Monthly Archives: January 2014

Winter warmers

Hi all,

Just a quick post this time as I wanted to share 2 recipes with you I have been making a lot of recently…chicken soup and ‘Oaties’!

Chicken soup for the soul…


With this hideously wet and cold weather we are having in the UK (SA followers – stop smirking!!) I have been making a lot of soups and chicken soup in particular, to cheer me up! The girls love it and it is great for using up left over roast chicken and vegetables.


Left over roast chicken or 2-3 chicken breasts (cut into cubes)

Left over roast vegetables – peppers, courgettes, red onions, parsnips, etc

Garlic – 1-2 cloves, crushed

2 Leeks, chopped

2 tsp Marigold Swiss Vegetable Bouillon

Approx 1 litre water

A little flour for thickening


–       Add the leeks and garlic to a pan and sauté with a little oil.

–       Add the chicken and roasted vegetables and give a good stir

–       Next add the stock powder and the water

–       Simmer for approx. 20 minutes

–       Mix a little flour with either water or milk for a creamier soup

–       Add to the soup and stir until thickens slightly

–       Serve with warm, crusty bread



These oats biscuits are similar to a previous recipe I posted of ‘Oaty snack bars’ but these are bit more like biscuits as they have some flour added and I think these are better! They are great as after school snacks to keep the kids going until dinner time. As they contain oats, they will give your children a slow and sustained energy release instead of a sudden sugar high and then (just as sudden) drop!


75g oats

75g whole meal self-raising flour

75g dried coconut

1 Tbsp oil

1 Tbsp milk (can use a non-dairy alternative too, such as coconut milk)

2 mashed ripe bananas

1 Tbsp honey (optional)

Handful seeds eg. Sunflower and pumpkin seed mix (you could also add some chopped nuts eg. almonds)

Handful dried fruit eg. Raisins/dried cranberries


Add all the ingredients into a bowl and mix….it’s as easy as that!

Shape into biscuits – you should get about 8 large biscuits from this mixture or 12 small ones.

Take this with you to the school gates and the children will love them (and you!)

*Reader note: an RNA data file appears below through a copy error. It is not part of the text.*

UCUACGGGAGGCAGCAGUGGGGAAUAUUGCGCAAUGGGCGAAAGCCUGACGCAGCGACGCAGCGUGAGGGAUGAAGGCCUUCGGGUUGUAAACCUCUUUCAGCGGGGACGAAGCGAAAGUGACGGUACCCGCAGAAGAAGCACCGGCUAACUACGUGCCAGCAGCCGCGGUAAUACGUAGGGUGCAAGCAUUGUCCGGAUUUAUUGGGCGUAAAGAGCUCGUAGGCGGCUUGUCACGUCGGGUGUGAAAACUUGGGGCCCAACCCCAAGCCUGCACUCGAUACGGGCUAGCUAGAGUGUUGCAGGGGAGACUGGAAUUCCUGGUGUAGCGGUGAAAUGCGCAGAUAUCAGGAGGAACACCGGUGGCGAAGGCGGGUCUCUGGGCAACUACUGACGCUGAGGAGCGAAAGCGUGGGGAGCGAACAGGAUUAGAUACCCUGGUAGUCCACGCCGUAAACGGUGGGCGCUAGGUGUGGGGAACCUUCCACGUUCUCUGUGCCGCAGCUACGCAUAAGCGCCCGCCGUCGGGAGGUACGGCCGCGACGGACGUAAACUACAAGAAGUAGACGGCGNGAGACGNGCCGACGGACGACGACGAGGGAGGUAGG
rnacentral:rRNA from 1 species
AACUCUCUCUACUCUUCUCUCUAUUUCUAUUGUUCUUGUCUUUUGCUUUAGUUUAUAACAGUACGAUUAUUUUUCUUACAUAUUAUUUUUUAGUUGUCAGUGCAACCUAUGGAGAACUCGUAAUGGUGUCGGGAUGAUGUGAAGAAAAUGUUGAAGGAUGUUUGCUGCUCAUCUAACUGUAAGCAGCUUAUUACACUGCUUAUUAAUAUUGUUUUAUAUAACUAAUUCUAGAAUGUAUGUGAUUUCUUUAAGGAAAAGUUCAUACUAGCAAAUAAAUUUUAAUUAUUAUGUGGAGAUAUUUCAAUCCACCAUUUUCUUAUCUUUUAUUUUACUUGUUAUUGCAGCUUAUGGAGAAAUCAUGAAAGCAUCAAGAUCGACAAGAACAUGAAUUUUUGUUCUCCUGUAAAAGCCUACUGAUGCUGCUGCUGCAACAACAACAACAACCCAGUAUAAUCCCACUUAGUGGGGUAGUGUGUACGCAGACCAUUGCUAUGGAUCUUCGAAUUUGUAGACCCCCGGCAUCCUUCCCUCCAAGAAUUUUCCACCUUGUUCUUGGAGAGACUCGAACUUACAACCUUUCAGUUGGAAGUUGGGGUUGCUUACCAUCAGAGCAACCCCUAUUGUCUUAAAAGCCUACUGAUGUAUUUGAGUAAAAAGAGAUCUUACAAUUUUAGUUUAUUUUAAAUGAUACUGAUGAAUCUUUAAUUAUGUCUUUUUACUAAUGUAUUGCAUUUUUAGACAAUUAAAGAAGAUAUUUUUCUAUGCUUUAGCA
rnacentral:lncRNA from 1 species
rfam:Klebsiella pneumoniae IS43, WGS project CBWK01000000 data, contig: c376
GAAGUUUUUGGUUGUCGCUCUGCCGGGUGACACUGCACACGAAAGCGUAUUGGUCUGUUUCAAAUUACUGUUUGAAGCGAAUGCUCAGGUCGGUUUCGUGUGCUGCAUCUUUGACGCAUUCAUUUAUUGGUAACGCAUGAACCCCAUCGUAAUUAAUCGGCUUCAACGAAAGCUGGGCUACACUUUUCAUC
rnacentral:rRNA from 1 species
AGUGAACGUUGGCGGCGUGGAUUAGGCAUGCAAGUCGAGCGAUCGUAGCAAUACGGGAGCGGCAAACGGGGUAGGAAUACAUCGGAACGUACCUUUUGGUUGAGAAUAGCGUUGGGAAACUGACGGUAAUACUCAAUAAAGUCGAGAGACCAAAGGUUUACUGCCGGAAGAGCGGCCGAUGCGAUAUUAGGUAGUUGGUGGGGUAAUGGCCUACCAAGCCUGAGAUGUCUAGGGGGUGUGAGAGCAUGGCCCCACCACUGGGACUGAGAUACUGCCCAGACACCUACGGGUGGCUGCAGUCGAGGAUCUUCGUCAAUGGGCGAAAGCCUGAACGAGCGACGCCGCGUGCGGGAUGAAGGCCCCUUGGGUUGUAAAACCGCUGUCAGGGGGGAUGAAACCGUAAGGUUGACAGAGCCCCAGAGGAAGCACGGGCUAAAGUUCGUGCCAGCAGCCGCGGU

Lastlya clever snack/dessert idea: 

Chopped banana with a dollop of peanut butter, sprinkling of coconut and a blueberry/raspberry on top. They are sooooo good…give them a try!


Paula x


Tbsp = tablespoon (15ml)


Omega-3 rich recipes

Omega-3 rich recipes

Try these recipes to get your children eating more oily fish – they will love these!

Grilled salmon with pesto

This is a delicious way to serve salmon and my girls love it! It is so simple…all you need to do is spread approximately 1 teaspoon of basil pesto onto a salmon fillet and top with a little finely grated Parmesan cheese.

Then bake at 200 oC for 8-10 minutes. That’s it!

It is delicious served with boiled new potatoes and a crisp green salad or veggies of your choice.

Mackerel pate’



3-4 whole smoked mackerel

4 Tbsp crème fraiche or low fat cream cheese

Juice of 1 lemon

1 tsp Dijon mustard

Freshly ground black pepper, to taste

Fresh flat-leaf parsley  – small handful


  1. Remove the skin from the mackerel
  2. Add the mackerel, crème fraiche, lemon juice and Dijon mustard to a food blender and blend until smooth
  3. Then add the ground black pepper to taste and the finely chopped parsley
  4. Serve on toasted wholemeal bread of your choice or on crackers
  5. Enjoy!

Other ideas:

Why not try a delicious Fish Pie or homemade Fish Cakes to tempt your children into trying different types of fish?

 Very easy Fish Pie…

I have noticed you can buy a ‘fish pie mix’ now in the supermarket, which includes salmon, pollock (or other white fish) and haddock.

  • Make your mashed potatoes first.
  • Then make a white sauce with milk and flour; set this aside.
  • Next add the fish (raw) to an oven-proof dish, pour over the white sauce and add some grated carrots and peas to add colour and vegetables to the mix.
  • Top with your mash, bake in the oven for approx. 30 mins and voila, you have an easy fish pie!
  • You can add some grated Parmesan cheese to top the mash for a ‘posh’ version!